Amazon has pulled WikiLeaks off its cloud hosting infrastructure, bowing to political pressure from Sen. Joe Lieberman and the Department of Homeland Security.
The Guardian quotes Lieberman's statement: "[Amazon's] decision to cut off WikiLeaks now is the right decision and should set the standard for other companies WikiLeaks is using to distribute its illegally seized material. I call on any other company or organisation that is hosting WikiLeaks to immediately terminate its relationship with them."
The department of homeland security confirmed Amazon's move, referring journalists to Lieberman's statement, notes The Guardian.
"I will be asking Amazon about the extent of its relationship with Wikileaks and what it and other web service providers will do in the future to ensure that their services are not used to distribute stolen, classified information," Lieberman said, according to Reuters.
Ryan Calo, a lecturer at Stanford University's Center for Internet and Society told Reuters that "It would set a dangerous precedent were companies like Amazon to take down things merely because the senator or another government entity started to ask question about them."
The New Yorker's Amy Davidson writes: "Lieberman may be exaggerating his own role, and Amazon can make choices about what business to be in. Still, is Amazon reporting to a senator now? Is the company going to tell him about “the extent of its relationship” with WikiLeaks—with any customer? He’s free to ask, of course, but in terms of an obligation to answer: Does somebody have a warrant or a subpoena for that? One wonders if Lieberman feels that he, or any Senator, can call in the company running The New Yorker’s printing presses when we are preparing a story that includes leaked classified material, and tell them to stop it. The circumstances are different, but not so different as to be really reassuring."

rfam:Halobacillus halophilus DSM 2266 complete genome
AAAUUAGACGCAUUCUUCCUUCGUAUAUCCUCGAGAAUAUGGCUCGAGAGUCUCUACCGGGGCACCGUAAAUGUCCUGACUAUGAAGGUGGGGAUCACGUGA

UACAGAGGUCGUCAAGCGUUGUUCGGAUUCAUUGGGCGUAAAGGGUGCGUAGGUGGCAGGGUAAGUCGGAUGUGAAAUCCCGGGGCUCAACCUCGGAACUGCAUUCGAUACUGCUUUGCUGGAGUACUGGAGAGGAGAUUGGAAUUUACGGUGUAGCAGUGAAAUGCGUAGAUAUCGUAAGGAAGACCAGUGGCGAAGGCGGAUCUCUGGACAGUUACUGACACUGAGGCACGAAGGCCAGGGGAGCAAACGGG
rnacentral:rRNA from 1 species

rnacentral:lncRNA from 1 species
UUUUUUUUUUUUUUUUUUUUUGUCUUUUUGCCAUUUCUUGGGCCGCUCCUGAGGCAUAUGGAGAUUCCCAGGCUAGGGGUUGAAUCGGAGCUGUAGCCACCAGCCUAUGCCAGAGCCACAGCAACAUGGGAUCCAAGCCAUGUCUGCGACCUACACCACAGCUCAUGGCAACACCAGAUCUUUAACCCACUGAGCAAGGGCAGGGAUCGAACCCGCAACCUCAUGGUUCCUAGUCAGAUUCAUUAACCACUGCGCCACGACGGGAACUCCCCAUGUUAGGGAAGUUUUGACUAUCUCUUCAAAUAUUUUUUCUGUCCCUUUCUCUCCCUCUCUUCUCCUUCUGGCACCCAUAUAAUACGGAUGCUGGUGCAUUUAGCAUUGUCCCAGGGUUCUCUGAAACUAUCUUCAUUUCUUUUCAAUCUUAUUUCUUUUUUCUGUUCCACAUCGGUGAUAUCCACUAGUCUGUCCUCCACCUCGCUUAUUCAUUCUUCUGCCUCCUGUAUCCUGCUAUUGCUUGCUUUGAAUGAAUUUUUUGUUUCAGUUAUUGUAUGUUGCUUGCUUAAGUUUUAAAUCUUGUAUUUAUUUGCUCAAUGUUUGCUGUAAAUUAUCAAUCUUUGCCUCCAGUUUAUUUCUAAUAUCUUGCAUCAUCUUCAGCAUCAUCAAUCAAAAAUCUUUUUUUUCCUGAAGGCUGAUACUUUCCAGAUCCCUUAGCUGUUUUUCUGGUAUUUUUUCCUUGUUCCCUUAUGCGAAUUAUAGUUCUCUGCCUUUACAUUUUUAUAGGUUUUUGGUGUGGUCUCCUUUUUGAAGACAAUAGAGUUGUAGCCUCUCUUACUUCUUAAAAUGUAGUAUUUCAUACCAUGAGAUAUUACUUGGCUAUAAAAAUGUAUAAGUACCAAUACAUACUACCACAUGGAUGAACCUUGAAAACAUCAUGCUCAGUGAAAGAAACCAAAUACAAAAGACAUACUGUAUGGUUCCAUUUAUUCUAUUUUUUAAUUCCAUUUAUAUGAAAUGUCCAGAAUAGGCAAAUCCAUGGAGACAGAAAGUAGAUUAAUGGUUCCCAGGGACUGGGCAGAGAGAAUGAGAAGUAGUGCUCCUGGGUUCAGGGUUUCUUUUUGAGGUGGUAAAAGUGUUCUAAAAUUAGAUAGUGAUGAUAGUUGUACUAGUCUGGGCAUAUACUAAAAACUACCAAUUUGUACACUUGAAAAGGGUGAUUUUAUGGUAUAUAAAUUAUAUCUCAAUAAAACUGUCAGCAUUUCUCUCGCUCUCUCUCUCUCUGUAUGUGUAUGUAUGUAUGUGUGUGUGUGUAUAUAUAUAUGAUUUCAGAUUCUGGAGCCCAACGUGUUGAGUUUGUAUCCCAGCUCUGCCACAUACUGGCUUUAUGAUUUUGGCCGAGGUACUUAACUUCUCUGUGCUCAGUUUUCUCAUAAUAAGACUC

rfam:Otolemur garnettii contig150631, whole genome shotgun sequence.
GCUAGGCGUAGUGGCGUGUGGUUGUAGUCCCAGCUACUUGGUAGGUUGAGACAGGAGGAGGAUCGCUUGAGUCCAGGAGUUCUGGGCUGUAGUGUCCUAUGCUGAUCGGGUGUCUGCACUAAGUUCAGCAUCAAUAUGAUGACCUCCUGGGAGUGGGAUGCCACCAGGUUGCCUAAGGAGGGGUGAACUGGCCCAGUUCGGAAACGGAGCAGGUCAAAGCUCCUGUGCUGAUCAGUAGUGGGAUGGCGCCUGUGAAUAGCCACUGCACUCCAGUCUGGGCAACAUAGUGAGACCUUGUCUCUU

"This certainly implicates First Amendment rights to the extent that web hosts may, based on direct or informal pressure, limit the materials the American public has a First Amendment right to access," EFF senior staff attorney Kevin Bankston told Talking Points Memo.
TPM reports that "Committee staff had seen news reports yesterday that Wikileaks was being hosted on Amazon's servers. The service, we should note, is self-serve; as with services like YouTube, the company does not screen or pre-approve the content posted on its servers. Staffers then, according to the spokeswoman, Leslie Phillips, called Amazon to ask about it, and left questions with a press secretary including, 'Are there plans to take the site down?' Amazon called them back this morning to say they had kicked Wikileaks off, Phillips said."
It does not appear that Amazon was served with a legal order to take WikiLeaks down, but rather that the decision was based on verbal criticism from Lieberman and other establishment members. The fact that a website can be taken down without any due process in a country which once had a vaunted tradition of free speech should be an alarm call to anyone who understands the importance of a free media.